This Veterans Day 2018, AFAM Heritage Network recognizes Staff Sgt Donnie Dixon, a significant hero who sacrificed his life while serving the U.S. Army in Iraq.
Please read this article by Col. David Sutherland, U.S. Army (Ret) capturing the bravery of SSG Donnie Dixon: http://www.dixoncenter.org/connect/blog/today-we-remember-army-staff-sergeant-donnie-dixon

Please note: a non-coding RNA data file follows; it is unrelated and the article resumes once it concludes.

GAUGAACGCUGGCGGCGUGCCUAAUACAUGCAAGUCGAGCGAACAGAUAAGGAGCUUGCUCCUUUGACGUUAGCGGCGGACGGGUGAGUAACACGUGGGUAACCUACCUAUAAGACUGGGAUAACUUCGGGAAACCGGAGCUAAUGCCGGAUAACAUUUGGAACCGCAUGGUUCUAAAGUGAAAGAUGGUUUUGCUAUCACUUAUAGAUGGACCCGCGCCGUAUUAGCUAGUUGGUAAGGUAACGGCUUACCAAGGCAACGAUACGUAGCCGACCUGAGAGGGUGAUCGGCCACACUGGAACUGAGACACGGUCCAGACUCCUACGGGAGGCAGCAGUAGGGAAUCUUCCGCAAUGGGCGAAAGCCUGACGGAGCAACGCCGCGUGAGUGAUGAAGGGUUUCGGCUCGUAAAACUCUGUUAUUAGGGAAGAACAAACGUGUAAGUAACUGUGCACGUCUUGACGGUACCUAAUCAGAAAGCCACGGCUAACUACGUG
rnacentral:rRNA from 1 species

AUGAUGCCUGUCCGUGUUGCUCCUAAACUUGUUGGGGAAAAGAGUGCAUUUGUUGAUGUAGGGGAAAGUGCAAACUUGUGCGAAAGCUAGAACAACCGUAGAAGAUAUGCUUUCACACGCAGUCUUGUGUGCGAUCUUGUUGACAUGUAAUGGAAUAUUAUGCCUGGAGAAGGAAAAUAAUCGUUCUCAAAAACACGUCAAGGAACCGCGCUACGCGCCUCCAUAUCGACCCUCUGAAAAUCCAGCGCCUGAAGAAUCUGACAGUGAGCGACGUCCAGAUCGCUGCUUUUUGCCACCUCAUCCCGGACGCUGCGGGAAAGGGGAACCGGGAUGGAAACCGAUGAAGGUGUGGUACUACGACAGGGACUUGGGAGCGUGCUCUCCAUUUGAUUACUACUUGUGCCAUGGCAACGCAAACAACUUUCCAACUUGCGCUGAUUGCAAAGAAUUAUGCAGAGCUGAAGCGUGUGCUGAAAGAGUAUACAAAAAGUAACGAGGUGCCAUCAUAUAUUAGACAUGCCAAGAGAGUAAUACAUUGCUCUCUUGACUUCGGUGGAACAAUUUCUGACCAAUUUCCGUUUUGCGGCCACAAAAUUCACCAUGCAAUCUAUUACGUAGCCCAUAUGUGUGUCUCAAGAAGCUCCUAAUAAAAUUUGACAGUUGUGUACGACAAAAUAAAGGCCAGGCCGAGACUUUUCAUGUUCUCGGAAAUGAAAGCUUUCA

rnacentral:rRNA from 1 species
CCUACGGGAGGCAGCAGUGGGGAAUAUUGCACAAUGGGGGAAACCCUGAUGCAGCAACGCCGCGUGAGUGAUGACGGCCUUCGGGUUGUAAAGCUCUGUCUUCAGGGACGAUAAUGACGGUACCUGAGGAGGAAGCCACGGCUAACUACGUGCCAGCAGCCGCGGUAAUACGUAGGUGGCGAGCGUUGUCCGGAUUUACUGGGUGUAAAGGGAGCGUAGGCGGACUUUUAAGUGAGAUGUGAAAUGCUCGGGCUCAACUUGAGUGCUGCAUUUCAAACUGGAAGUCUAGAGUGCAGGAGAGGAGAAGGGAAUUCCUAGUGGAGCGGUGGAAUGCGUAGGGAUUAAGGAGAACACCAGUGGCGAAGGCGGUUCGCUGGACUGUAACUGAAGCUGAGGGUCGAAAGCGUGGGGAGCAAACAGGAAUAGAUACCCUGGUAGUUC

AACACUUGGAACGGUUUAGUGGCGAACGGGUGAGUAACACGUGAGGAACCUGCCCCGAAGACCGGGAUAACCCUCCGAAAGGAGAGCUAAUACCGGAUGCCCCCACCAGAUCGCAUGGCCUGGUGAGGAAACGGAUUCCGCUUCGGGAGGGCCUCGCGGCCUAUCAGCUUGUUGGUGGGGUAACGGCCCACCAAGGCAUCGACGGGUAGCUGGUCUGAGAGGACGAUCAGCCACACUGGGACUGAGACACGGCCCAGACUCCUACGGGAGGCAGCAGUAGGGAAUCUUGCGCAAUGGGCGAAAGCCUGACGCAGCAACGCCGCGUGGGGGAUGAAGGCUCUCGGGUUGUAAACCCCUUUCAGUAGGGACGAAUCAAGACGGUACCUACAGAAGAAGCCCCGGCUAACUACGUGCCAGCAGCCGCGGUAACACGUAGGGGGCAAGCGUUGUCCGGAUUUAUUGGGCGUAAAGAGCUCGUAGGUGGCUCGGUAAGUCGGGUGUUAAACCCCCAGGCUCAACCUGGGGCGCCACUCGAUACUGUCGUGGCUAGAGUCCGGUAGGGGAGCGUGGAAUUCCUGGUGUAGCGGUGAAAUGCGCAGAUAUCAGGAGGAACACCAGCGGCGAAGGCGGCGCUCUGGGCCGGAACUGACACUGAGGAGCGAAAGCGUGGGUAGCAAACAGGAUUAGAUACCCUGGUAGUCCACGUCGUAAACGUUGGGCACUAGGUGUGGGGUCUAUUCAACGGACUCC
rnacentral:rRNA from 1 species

Frederick Douglass was born into slavery on the Eastern Shore of Maryland in February 1818. On September 3, 1838, he disguised himself as a sailor, boarded a northbound train, and successfully escaped slavery. To avoid being captured and re-enslaved, Douglass traveled to England, Ireland, and Scotland, giving speeches and lectures. When abolitionists offered to purchase his freedom, Douglass returned to the U.S., in Rochester, New York. There, Douglass was involved in the Underground Railroad, Abolition, Women's Rights, and recruitment of African-American men to fight in the U.S. Army. At the time, Douglass met personally with President Abraham Lincoln. In 1872, the Douglass family moved to Washington, D.C. where Douglass held multiple high-level Government Official and Diplomatic positions. His residence is now a historical site preserved by the U.S. National Park Service.